The Mozartists (1768) (Wigmore Hall, 23 January 2018)

Classical Opera/The Mozartists
Ian Page conductor
Katy Bircher flute
Chiara Skerath soprano

Classical Opera does, as the name suggests, specialise in music of the Classical period and does it very well. You might remember my and thadieu‘s enthusiastic accounts (as well as Leander‘s) of a Cadogan Hall 2016 performance of Jommelli’s Il Vologeso – it was them that done it.

They’re also going through Mozart’s oeuvre, one year at a time. This time it’s the year 1768, when Wolfie was 12 and, opera-wise, wrote La finta semplice, here presented via its not too shabby overture and the Amoretti aria. It’s not just Mozart but a wider look at his time period as well, with works by other composers from the mid to late 18th century.

Joseph Haydn (1732-1809)
Symphony No. 26 in D minor HI:26 ‘Lamentatione’

Niccolò Jommelli (1714-1774)
Fetonte Ombre che tacite qui sede

Johann Christian Bach (1735-1782)
Flute Concerto in D major WC79

Joseph Haydn
Lo speziale HXXVIII:3
Amore nel mio petto
Salamelica, Semprugna cara

Wolfgang Amadeus Mozart (1756-1791)
La finta semplice K51
Overture
Amoretti, che ascosi qui siete

Johann Adolf Hasse (1699-1783)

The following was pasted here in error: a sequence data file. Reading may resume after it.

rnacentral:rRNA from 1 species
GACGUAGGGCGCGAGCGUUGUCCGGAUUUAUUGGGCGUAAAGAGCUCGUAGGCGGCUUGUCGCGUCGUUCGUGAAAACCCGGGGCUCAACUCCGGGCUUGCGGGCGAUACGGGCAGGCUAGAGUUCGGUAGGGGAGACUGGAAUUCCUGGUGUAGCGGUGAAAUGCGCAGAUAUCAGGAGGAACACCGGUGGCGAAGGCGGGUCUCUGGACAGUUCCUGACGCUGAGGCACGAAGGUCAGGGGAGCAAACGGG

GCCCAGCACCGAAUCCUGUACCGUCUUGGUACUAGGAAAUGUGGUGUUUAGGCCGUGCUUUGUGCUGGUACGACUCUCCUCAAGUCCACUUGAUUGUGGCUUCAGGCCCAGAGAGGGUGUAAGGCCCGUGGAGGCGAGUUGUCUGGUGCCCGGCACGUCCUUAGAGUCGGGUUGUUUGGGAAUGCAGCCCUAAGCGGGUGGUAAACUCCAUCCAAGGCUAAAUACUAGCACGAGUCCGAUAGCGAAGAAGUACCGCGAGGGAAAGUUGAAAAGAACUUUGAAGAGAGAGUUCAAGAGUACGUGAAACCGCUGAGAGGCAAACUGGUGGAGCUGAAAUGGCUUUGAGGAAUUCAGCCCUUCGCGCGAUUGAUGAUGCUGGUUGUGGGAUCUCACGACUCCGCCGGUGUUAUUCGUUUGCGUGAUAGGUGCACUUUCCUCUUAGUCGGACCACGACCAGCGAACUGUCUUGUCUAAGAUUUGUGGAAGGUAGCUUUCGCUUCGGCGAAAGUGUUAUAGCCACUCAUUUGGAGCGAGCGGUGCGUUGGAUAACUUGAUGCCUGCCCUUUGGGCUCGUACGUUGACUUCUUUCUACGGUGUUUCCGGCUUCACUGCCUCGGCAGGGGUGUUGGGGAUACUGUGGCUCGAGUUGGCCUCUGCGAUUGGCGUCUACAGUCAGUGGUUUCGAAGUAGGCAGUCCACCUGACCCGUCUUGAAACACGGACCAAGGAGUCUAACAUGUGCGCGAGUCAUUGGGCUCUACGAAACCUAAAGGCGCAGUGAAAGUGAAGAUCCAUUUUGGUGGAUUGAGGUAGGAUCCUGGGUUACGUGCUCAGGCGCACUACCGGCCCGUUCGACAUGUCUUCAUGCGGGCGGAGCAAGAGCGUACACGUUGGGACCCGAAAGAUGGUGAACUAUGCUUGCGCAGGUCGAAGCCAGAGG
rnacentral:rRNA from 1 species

Piramo e Tisbe Perderò l’amato bene

Johann Baptist Vanhal (1739-1813)
Symphony in D minor

As expected, Classical Opera were excellent and Ian Page got a very “surround sound” from them, with a deft merging of the different sections of the orchestra whilst at the same time allowing them space to breathe and make themselves heard (quite muscular at times). In other words, the opposite of the porridge-sound.

This was one of the best attended shows at Wiggy, though the troops thinned a bit after the intermission (luckily, the tall chap in front of me was among them). Skerath excelled, I thought, at Hasse’s Perderò l’amato bene, where she used some superb light weight trilling and the aria seemed a perfect fit for her gentle soprano voice.

Ian Page chose his soloists well, the both of them in possession of particularly fine ways with the trills. Being primarily a fan of vocal music I admit I don’t always “get” solo instrumentals but in Bircher’s case something clicked. It is perhaps that all winds are up my alley as opposed to, say, the piano, but I could follow very well, in a similar way to how I would the voice.

A lovely evening that invited the listener to further explore this engaging period of Western classical music, with the last piece hinting at the things to come in further decades.

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About dehggial

Mozart/Baroque loving red dragon

Posted on January 30, 2018, in classical period, mozart, sopranos, wigmore hall and tagged , , , , , . Bookmark the permalink. 2 Comments.

  1. i was just talking about him and them last week!! in exact context of opposite agitated porridge! 🙂 , and in ref esp. to your post of them and him and Ann Hallenberg!

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